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Germany grants asylum to escaped Turkish soldiers

Turkish soldier clashes with an anti-coup citizen at Istanbul's Taskim Square during the coup attempt on July 15, 2016
Turkish soldier clashes with an anti-coup citizen at Istanbul's Taskim Square during the coup attempt on July 15, 2016

Several Turkish military personnel, many of them high-ranking soldiers, and their families have been granted asylum by Germany, prompting criticism by Turkey today.

The personnel, all Turkish nationals with diplomatic passports, were stationed in NATO facilities in Germany during the time of the attempted coup in July 2016. They were suspected of being part of the Gulen organisation – which the Turkish government claims organised the coup – and so were recalled back to Turkey. Fearing persecution if they returned, they remained in Germany and applied for asylum.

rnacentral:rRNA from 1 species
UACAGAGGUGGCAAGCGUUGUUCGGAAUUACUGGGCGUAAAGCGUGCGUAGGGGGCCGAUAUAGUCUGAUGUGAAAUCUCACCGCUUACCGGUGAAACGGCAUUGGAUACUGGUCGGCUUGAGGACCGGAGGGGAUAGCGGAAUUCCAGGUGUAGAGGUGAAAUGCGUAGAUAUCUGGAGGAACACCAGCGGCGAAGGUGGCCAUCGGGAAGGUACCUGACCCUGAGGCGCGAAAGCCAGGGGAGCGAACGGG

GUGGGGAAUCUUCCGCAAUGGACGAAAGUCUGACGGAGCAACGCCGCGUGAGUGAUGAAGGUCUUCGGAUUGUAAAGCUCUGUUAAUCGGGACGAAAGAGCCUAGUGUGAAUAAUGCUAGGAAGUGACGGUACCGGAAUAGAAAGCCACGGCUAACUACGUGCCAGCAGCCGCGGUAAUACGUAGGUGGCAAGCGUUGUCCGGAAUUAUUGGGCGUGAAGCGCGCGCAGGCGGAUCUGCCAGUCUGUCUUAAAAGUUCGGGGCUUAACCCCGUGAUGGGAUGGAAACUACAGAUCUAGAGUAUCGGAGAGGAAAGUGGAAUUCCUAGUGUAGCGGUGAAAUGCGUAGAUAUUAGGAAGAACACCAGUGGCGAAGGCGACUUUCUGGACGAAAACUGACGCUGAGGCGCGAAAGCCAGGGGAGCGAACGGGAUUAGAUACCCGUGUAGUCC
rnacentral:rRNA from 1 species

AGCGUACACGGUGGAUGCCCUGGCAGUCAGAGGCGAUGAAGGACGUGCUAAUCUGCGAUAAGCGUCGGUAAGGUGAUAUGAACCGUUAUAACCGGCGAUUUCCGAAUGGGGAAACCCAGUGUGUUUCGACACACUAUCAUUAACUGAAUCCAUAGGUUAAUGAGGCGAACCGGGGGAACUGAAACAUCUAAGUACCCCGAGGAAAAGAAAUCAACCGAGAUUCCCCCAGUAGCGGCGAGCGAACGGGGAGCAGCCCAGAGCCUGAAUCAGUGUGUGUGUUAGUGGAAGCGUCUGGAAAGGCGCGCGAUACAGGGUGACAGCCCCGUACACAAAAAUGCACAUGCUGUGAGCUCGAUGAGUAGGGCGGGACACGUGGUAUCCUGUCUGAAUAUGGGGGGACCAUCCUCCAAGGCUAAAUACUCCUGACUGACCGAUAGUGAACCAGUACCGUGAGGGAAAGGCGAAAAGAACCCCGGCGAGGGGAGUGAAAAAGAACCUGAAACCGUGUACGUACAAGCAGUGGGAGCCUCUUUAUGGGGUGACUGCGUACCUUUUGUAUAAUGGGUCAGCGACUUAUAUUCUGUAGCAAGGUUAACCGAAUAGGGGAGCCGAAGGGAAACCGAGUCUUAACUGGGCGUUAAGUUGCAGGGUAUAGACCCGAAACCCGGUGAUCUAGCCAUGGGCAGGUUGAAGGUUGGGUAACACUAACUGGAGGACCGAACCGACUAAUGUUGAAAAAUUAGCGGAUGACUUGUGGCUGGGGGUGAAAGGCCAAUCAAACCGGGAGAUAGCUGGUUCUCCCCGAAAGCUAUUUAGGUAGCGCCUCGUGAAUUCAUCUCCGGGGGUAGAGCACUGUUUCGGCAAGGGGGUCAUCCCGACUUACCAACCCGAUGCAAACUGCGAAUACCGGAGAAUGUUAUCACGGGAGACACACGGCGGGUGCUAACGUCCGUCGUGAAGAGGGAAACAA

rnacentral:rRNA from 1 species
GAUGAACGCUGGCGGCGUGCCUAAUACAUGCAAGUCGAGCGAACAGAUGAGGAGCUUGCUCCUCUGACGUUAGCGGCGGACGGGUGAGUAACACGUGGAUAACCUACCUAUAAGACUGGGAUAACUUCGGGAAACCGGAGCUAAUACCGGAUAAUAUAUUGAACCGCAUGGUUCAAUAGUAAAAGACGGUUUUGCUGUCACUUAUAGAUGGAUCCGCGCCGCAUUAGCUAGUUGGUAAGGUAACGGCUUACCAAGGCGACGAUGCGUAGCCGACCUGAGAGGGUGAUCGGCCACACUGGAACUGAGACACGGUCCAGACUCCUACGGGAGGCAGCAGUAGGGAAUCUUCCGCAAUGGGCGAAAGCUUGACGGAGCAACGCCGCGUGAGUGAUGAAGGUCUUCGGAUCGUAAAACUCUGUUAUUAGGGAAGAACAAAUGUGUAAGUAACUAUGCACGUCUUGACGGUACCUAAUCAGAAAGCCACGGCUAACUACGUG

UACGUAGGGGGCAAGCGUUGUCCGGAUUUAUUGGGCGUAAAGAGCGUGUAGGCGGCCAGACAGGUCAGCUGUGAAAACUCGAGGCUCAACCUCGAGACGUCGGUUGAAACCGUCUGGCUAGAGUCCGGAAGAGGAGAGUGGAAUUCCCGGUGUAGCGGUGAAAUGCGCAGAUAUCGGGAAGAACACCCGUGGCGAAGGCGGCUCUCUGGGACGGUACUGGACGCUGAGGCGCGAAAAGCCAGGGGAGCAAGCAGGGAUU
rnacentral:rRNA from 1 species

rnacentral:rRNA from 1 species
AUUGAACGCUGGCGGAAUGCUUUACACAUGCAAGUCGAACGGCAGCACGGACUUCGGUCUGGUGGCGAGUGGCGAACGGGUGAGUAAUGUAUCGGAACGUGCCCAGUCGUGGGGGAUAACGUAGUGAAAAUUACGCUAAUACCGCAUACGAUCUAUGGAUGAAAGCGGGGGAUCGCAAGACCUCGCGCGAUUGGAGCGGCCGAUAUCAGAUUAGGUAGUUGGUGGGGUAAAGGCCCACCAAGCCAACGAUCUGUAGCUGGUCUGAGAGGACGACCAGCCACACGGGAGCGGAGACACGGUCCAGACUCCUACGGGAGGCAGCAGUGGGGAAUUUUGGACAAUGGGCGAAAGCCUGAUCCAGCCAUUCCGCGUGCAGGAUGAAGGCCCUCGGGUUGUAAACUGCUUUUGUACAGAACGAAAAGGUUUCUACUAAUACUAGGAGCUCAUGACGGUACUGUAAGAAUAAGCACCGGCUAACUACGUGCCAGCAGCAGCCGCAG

Turkey, however, says that escaped soldiers collaborated in the attempted coup and are therefore traitors, making them liable to face charges for plotting to overthrow the government.

According to German regional state broadcasters, a total of 414 requests for asylum had been filed by Turkish military personnel, judges, officials and diplomats living in Germany under their posts, which includes their family members.

A similar case occurred recently regarding eight Turkish soldiers who escaped by helicopter to Greece after the failed coup. The Turkish government requested they be extradited back to Turkey, but eventually after multiple legal proceedings, Greece refused to send them back.

The granting of the asylum requests are set to deepen already-strained relationships between Turkey and Germany. A statement by Turkey’s foreign ministry said that the decision “does not comply with the spirit of an ally and harms the multi-dimensional relations of the two countries.”

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